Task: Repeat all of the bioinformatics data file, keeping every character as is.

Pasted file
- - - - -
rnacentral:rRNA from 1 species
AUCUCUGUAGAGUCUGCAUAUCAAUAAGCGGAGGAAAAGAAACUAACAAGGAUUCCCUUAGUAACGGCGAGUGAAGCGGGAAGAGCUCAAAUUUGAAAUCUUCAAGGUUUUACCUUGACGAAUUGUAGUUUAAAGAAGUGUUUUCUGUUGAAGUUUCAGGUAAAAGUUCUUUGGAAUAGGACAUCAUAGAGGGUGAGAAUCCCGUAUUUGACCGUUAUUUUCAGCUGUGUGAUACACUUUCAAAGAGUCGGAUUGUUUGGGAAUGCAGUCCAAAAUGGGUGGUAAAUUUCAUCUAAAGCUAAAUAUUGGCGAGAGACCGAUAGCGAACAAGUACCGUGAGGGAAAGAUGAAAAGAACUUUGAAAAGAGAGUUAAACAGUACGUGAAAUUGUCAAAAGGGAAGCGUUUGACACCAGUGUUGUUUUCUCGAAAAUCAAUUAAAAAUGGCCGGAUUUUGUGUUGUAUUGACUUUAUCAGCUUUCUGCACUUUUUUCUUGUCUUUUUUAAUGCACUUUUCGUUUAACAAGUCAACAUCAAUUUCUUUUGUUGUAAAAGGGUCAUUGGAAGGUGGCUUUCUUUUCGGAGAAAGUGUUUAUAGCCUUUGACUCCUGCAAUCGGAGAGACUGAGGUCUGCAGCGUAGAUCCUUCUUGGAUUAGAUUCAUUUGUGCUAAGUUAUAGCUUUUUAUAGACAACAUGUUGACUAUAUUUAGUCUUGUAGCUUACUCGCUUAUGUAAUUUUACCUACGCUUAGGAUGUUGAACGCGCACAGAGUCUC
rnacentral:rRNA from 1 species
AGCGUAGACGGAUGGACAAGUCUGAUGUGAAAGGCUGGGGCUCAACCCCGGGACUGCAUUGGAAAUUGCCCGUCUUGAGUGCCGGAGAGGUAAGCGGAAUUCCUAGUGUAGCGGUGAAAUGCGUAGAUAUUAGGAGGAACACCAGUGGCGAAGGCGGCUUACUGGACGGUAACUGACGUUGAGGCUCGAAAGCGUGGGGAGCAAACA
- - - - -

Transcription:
rnacentral:rRNA from 1 species
AUCUCUGUAGAGUCUGCAUAUCAAUAAGCGGAGGAAAAGAAACUAACAAGGAUUCCCUUAGUAACGGCGAGUGAAGCGGGAAGAGCUCAAAUUUGAAAUCUUCAAGGUUUUACCUUGACGAAUUGUAGUUUAAAGAAGUGUUUUCUGUUGAAGUUUCAGGUAAAAGUUCUUUGGAAUAGGACAUCAUAGAGGGUGAGAAUCCCGUAUUUGACCGUUAUUUUCAGCUGUGUGAUACACUUUCAAAGAGUCGGAUUGUUUGGGAAUGCAGUCCAAAAUGGGUGGUAAAUUUCAUCUAAAGCUAAAUAUUGGCGAGAGACCGAUAGCGAACAAGUACCGUGAGGGAAAGAUGAAAAGAACUUUGAAAAGAGAGUUAAACAGUACGUGAAAUUGUCAAAAGGGAAGCGUUUGACACCAGUGUUGUUUUCUCGAAAAUCAAUUAAAAAUGGCCGGAUUUUGUGUUGUAUUGACUUUAUCAGCUUUCUGCACUUUUUUCUUGUCUUUUUUAAUGCACUUUUCGUUUAACAAGUCAACAUCAAUUUCUUUUGUUGUAAAAGGGUCAUUGGAAGGUGGCUUUCUUUUCGGAGAAAGUGUUUAUAGCCUUUGACUCCUGCAAUCGGAGAGACUGAGGUCUGCAGCGUAGAUCCUUCUUGGAUUAGAUUCAUUUGUGCUAAGUUAUAGCUUUUUAUAGACAACAUGUUGACUAUAUUUAGUCUUGUAGCUUACUCGCUUAUGUAAUUUUACCUACGCUUAGGAUGUUGAACGCGCACAGAGUCUC
rnacentral:rRNA from 1 species
AGCGUAGACGGAUGGACAAGUCUGAUGUGAAAGGCUGGGGCUCAACCCCGGGACUGCAUUGGAAAUUGCCCGUCUUGAGUGCCGGAGAGGUAAGCGGAAUUCCUAGUGUAGCGGUGAAAUGCGUAGAUAUUAGGAGGAACACCAGUGGCGAAGGCGGCUUACUGGACGGUAACUGACGUUGAGGCUCGAAAGCGUGGGGAGCAAACA